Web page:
The tension between reality and simulation is a favorite theme for Niccol, who wrote The Truman Show (in which a man’s entire life is fake) and wrote and directed Gattaca (in which a man fakes his genetic code). There’s no tension in S1M0NE, however, in part because the truth of today’s celebrity culture is much stranger than Niccol’s fiction. The director’s swipes at clueless showbiz addicts—”You’re more authentic than the people who worship you,” Viktor tells S1M0NE—might sting, except that the average Entertainment Weekly reader probably has more knowledge of Hollywood than Niccol demonstrates here. (And the typical PC user definitely knows more about computers than Niccol.)
Few of S1M0NE’s details ring true. Viktor directs grandly bleak art films whose images suggest the work of Tarkovsky, Antonioni, or Angelopoulos—the kind of stuff Hollywood hasn’t bankrolled in 30 years. S1M0NE is the sort of actress who might acquire an American cult following, but she is unlikely to become any better known in the United States than, say, Charlotte Gainsbourg, the star of My Wife Is an Actress, last week’s self-conscious entertainment-biz comedy. The notion that S1M0NE could make an instant transition from an art-movie director’s muse to teen-pop superstar—Anna Karina becomes Britney Spears, dubbed by Mary J. Blige—is unconvincing. And the final plot twist is just another variation on the well-worn jokes about parents who get their kids to program their VCRs.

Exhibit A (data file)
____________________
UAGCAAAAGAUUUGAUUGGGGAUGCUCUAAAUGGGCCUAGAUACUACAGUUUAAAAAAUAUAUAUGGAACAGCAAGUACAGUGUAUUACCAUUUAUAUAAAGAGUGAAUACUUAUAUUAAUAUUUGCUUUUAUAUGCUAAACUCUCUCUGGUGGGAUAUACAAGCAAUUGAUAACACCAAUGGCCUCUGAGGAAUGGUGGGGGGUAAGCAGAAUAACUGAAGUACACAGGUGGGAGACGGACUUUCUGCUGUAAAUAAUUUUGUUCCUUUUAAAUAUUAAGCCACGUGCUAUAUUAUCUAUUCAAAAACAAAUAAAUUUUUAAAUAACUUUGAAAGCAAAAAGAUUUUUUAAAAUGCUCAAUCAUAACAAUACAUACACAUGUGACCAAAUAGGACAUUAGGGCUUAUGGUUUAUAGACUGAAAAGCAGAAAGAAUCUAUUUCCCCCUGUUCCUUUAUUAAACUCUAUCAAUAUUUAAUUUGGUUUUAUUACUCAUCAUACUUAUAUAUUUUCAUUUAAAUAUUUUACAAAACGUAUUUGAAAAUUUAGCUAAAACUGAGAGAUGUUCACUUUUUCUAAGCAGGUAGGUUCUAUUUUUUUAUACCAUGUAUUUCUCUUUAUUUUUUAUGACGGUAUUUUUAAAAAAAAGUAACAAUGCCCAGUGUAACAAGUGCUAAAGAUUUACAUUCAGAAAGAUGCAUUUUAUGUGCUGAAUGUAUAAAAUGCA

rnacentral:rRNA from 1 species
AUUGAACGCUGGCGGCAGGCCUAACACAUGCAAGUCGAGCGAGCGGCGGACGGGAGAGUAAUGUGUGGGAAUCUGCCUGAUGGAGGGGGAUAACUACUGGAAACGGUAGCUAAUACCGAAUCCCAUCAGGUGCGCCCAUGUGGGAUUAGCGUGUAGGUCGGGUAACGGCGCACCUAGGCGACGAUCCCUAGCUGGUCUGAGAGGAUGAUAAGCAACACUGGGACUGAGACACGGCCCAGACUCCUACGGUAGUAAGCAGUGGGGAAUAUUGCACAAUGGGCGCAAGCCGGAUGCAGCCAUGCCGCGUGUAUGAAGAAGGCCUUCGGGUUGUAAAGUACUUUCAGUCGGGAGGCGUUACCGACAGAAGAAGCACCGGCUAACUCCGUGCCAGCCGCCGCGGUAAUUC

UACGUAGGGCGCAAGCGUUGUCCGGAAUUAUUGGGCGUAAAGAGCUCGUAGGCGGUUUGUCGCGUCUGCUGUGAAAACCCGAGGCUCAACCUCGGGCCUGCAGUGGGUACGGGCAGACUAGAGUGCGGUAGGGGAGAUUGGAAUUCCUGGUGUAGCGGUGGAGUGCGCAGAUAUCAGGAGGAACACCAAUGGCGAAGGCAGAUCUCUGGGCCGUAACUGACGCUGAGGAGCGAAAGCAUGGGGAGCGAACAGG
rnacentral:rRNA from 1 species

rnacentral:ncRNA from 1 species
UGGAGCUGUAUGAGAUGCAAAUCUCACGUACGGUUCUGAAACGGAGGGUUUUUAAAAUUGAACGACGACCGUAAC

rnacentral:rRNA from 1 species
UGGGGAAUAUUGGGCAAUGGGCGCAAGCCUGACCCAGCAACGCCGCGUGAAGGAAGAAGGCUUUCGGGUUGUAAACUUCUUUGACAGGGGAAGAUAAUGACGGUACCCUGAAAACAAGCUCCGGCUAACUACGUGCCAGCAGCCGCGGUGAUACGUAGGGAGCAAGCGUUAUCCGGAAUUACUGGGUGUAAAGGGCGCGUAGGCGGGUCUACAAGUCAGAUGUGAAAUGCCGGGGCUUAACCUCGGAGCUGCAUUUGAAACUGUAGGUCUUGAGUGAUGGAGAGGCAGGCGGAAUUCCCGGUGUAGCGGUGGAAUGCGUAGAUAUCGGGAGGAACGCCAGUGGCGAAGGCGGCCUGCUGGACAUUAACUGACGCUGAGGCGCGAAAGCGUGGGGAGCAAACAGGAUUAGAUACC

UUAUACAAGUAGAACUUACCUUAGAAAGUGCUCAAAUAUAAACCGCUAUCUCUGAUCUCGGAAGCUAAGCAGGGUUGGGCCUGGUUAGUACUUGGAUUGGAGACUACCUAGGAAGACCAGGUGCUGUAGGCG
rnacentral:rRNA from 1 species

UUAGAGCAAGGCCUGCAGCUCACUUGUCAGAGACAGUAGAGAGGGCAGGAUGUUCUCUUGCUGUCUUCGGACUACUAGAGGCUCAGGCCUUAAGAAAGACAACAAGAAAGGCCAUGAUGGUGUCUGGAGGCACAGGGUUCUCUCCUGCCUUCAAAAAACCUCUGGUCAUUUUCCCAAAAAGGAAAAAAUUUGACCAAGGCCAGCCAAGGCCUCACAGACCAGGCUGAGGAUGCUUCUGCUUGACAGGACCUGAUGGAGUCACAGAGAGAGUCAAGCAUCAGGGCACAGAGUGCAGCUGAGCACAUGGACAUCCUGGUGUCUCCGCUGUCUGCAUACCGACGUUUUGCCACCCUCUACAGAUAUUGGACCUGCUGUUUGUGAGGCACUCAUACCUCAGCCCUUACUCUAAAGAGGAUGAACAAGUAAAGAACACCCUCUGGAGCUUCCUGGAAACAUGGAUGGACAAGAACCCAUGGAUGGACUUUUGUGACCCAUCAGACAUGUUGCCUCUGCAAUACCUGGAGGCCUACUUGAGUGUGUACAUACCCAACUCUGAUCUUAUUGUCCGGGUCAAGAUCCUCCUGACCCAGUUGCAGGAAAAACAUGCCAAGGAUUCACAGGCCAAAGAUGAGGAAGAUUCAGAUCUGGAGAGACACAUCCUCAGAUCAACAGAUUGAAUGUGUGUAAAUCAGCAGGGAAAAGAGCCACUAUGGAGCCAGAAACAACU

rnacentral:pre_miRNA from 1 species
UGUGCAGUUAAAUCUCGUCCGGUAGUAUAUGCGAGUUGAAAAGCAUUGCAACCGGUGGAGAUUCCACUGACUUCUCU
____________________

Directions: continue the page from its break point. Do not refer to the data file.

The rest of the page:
The film does get one thing right, though: S1M0NE herself. Beautiful and aloof, she could indeed be an art-house phenomenon, as long as she starred in subtler movies than this one. Viktor explains that his vactor is a composite of famed Hollywood leading ladies, and the film’s official line is that S1M0NE is played by…S1M0NE. In fact, she’s impersonated by model-turned-actress Rachel Roberts, who’s no more virtual than Pacino or Ryder. S1M0NE means to be a spoof of how fantasy has supplanted reality, but
the real joke is that it must use an actual woman to conjure a convincingly virtual one.
At a time when few foreign-language films hook U.S. distributors, there are a handful of subgenres that usually attract stateside attention. One is the cuisine flick, a good bet for the Julia Child audience; another is the tale of a cold or crusty loner who is forced to take responsibility for a child. Mostly Martha combines both categories, but that doesn’t mean that German writer-director Sandra Nettelbeck has doubled the fun. Presentable but predictable, the movie reduces the ingredients of Babette’s Feast and Kolya to a thin broth.